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Theme "Gender" on Compass website
Gender equality guidelines

Introduction                                                          

The purpose of these guidelines is to support the organisers and educational teams of intercultural youth activities of the Council of Europe and its partners in ensuring gender equality in all phases of an activity/project.
These guidelines are the result of the seminar “Gender Equality Matters” (2016, EYCS) and of further consultation and work with stakeholders in the youth sector. They are an expression of the commitment of the Council of Europe and its youth sector to advance gender equality.
The guidelines are to be used by staff and educational teams involved in intercultural youth activities held in the European Youth Centres and in the member States, and promoted by the beneficiaries of the European Youth Foundation. They are to be used in conjunction with other documents (e.g. quality standards for educational activities held in the European Youth
Centres of the Council of Europe) and should be reviewed regularly.
 

The guidelines cover the following aspects:
  • a human rights-based approach;
  • gender-balanced participation in youth activities and measures to ensure the participation of young parents;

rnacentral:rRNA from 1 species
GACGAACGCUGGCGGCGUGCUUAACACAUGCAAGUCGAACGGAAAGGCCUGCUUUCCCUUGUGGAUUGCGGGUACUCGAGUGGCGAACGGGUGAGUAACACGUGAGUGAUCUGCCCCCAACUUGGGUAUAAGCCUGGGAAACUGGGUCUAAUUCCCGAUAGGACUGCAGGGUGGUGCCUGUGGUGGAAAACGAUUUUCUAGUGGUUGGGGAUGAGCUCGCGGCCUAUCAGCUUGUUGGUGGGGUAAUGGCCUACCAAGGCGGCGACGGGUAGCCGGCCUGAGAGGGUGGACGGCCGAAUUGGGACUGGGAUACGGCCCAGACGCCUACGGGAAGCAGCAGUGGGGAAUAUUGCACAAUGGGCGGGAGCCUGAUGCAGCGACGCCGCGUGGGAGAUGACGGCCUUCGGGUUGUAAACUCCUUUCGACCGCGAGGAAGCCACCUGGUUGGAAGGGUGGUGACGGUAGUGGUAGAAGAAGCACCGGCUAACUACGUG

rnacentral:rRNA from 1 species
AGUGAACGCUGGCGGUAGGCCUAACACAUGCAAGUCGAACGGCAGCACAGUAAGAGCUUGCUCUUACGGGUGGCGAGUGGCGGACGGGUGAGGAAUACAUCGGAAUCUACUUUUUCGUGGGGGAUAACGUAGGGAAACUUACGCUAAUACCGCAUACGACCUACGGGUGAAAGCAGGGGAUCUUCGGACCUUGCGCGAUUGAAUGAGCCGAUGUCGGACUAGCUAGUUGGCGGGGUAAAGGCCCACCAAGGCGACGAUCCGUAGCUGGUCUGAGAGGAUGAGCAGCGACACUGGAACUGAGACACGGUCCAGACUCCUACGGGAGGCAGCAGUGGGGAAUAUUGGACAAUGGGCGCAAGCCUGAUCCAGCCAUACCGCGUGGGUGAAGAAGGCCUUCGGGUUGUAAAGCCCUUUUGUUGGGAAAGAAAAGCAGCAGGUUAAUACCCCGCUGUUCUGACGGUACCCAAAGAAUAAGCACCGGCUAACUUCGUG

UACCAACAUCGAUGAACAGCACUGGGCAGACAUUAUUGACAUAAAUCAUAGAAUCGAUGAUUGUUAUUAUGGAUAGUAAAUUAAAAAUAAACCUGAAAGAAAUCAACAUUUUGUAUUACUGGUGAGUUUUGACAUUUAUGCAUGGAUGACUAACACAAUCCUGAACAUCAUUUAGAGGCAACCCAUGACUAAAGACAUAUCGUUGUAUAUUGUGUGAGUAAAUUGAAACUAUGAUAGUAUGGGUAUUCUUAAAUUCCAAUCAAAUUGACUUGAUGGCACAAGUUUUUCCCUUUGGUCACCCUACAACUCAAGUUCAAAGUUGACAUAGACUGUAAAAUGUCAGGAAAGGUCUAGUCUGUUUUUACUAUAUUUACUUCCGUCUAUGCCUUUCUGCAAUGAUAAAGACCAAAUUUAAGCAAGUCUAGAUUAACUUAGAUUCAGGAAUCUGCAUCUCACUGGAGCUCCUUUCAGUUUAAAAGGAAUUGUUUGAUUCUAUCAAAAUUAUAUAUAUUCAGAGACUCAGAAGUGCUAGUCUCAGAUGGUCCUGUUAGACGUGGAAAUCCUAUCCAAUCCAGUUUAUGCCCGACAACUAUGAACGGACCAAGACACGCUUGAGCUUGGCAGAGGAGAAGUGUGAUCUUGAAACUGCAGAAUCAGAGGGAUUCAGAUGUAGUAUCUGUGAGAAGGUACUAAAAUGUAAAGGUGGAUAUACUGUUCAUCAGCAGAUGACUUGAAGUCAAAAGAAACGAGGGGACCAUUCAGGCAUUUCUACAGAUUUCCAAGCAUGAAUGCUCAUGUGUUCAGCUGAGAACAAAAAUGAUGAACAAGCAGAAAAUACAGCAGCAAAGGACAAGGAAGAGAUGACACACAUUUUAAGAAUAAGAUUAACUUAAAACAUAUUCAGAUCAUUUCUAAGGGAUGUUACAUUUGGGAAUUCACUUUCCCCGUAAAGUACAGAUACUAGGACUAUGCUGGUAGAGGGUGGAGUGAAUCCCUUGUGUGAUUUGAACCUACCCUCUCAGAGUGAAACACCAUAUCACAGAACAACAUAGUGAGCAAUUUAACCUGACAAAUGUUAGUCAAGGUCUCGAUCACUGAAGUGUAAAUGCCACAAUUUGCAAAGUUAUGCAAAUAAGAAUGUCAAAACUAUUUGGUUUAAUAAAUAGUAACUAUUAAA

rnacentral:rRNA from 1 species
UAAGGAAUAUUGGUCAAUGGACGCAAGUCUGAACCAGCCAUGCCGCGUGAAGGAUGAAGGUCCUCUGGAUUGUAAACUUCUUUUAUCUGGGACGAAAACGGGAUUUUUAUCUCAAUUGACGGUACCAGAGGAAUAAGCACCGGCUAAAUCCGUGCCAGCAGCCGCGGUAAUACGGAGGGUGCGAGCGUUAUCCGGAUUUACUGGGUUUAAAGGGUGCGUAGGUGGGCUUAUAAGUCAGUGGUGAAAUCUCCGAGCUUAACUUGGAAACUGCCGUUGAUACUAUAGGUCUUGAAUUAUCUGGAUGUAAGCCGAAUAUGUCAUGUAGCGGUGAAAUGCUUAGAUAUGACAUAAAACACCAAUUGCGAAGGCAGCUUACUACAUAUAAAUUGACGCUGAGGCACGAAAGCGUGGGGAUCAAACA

• language and representation in materials related to educational activities;
  • gender-sensitive educational approaches;
  • creating safe environments and practical concerns: accommodation, working facilities, access to toilets, etc.
     

A human rights based-approach to youth work and non-formal learning

Youth work and non-formal learning as practised and promoted by the Council of Europe are based on human rights values and principles. The human dignity of every person involved in activities is to be respected at all times. Human rights offer a framework where opinions, beliefs and cultural practices can be discussed while respecting differences. A human rights based approach in youth work and non-formal learning recognises that achieving equal opportunities remains a common goal and that youth work should recognise inequalities and provide support to bridge the gaps.
Universal human rights provide also the ethical and normative frameworks to prevent, combat and overcome any form of discrimination grounded on sex, sexual orientation or gender identity. Achieving gender equality is not about “special rights” but about promoting everyone’s right to freedom and equality in dignity.
 

Gender-balanced participation in youth activities

Gender balance in intercultural youth activities should be considered at all stages and should concern:

  • a. an inclusive approach to organisational and educational team selection (where a balance in the participation of all genders should be encouraged);
  • b. an inclusive approach to participants’ recruitment where equal participation of women and men should be ensured together with inclusion measures towards under-represented genders;
  • c. the end of a binary system of reference (female/male) in application forms. The application form could either include information about:
    • sex, with the inclusion of the option ‘other’ for those who do not fit the male/female categories;
      or